Inhibits protein synthesis by irreversibly binding to bacterial 30S and 50S ribosomes

            Absorption

            Absorption: IM: rapid and complete

            Peak Plasma Time: IM: 30-60 min; IV: ~30 min

            Distribution

            Distribution: to extracellular fluid including serum, abscesses, ascitic, pericardial, pleural, synovial, lymphatic, and peritoneal fluids; crosses placenta; poor penetration into CSF, eye, bone, prostate

            Protein Bound: <30%

            Vd: 0.2-0.3 L/kg; pediatrics: 0.2-0.7 L/kg

            Elimination

            Half-Life: 2-3 hr (normal renal function)

            Excretion: ~90%-95% in urine within 24 hr (normal renal function)

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            Administration

            IV Incompatibilities

            Additive: cefamandole, cefepime, cefotaxime, cefotetan, floxacillin, heparin, penicillins

            Syringe: cefamandole, clindamycin, heparin

            Y-site: allopurinol, amphotericin B cholesteryl sulfate, cefoperazone, heparin, hetastarch, indomethacin, propofol, sargramostim

            IV Preparation

            Standard diluent: 50-100 mL of D5W or NS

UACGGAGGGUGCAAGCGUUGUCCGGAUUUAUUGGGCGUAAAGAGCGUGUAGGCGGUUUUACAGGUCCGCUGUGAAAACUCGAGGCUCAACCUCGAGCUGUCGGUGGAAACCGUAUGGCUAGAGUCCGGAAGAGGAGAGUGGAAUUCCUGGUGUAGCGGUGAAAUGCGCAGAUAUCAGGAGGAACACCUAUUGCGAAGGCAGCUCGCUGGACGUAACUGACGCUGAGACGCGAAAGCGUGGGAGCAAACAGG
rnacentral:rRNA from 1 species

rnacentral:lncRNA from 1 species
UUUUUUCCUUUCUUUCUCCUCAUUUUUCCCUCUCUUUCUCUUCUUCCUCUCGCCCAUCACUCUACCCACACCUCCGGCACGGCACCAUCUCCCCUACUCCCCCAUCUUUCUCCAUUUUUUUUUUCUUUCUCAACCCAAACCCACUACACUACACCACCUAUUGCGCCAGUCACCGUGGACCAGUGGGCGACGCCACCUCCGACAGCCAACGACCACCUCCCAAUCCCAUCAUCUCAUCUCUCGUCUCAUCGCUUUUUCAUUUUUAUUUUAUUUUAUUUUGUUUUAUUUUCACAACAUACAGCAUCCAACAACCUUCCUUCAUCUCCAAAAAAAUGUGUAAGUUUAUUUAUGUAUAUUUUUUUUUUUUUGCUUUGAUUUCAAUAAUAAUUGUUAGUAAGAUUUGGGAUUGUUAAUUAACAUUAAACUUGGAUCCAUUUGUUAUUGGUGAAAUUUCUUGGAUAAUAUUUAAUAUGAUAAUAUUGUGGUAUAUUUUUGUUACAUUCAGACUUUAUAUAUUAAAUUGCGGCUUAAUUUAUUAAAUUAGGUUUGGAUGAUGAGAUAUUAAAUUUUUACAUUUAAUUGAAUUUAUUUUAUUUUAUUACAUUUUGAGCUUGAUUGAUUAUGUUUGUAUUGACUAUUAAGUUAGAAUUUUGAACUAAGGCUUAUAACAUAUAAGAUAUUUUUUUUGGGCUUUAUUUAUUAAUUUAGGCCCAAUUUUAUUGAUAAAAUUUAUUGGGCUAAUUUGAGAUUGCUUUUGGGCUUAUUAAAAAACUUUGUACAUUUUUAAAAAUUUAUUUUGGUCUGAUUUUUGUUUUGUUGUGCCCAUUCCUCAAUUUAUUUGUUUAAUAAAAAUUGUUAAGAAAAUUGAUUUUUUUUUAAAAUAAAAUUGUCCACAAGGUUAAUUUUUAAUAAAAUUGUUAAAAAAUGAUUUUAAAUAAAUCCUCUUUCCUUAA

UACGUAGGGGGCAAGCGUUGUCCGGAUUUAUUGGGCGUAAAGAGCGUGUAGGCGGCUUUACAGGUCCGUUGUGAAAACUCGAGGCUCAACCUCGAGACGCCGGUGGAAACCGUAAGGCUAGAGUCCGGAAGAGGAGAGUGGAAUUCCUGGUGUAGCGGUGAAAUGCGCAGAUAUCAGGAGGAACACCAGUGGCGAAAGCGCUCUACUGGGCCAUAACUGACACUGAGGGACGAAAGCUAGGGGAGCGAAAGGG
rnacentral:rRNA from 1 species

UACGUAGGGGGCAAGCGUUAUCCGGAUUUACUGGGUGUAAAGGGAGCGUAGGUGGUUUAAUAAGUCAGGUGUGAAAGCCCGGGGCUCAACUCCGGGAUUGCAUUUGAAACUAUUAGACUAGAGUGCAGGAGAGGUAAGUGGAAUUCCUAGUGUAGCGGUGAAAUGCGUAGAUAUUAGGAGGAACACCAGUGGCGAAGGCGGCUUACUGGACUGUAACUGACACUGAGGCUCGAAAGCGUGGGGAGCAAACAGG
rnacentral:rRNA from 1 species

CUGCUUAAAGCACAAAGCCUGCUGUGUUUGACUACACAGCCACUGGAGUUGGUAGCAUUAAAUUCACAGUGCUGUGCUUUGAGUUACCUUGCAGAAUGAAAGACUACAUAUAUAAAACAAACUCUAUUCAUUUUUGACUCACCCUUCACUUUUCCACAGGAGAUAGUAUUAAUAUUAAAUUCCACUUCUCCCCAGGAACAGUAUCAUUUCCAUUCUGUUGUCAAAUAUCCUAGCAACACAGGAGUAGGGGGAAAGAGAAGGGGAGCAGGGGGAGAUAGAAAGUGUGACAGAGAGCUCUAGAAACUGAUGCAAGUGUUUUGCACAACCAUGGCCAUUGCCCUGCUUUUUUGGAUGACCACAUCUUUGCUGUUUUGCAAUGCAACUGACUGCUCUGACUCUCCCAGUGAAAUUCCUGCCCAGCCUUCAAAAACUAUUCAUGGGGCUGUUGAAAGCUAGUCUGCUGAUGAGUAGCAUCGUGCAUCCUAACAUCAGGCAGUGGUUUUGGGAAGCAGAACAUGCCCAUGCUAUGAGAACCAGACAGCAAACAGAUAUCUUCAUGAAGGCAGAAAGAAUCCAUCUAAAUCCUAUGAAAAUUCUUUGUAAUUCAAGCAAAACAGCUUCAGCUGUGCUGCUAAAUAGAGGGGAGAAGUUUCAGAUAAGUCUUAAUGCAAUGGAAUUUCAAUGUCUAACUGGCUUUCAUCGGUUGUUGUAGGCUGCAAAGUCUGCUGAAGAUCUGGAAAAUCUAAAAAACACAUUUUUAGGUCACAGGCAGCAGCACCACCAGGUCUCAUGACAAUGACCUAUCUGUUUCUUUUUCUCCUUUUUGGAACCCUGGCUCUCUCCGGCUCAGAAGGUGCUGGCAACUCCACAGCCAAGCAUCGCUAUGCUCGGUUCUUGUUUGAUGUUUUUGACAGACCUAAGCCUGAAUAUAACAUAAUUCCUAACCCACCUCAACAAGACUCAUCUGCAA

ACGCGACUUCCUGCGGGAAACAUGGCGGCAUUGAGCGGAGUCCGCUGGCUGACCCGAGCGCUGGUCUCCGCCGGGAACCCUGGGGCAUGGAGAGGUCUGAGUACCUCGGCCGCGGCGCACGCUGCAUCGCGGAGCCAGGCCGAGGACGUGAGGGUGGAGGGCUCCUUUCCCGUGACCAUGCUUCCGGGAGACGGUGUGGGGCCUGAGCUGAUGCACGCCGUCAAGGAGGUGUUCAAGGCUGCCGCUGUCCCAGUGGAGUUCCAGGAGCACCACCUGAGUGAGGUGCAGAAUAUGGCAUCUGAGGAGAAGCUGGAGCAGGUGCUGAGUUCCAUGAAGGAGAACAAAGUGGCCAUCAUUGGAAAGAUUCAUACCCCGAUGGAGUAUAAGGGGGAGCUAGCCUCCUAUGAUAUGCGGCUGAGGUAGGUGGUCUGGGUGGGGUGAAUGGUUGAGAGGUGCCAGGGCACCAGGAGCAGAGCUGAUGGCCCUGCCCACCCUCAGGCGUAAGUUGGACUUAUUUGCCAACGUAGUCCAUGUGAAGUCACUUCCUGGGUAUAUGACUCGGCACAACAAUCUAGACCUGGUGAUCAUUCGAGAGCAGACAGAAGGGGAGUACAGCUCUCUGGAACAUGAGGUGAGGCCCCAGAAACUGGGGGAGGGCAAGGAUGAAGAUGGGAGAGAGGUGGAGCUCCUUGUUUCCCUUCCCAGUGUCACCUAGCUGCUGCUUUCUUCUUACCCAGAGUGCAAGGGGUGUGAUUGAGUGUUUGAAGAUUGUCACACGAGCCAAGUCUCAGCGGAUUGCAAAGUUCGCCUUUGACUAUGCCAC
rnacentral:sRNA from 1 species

IV Administration

            Infuse over 30-60 min

            Give penicillins or cephalosporins at least 1 hr apart from tobramycin

            Storage

            Stable at room temp both as the clear, colorless solution & as the dry powder

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            Images

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            Formulary

            FormularyPatient Discounts

            To view formulary information first create a list of plans. Your list will be saved and can be edited at any time.

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            • Compare formulary status to other drugs in the same class.
            • Access your plan list on any device – mobile or desktop.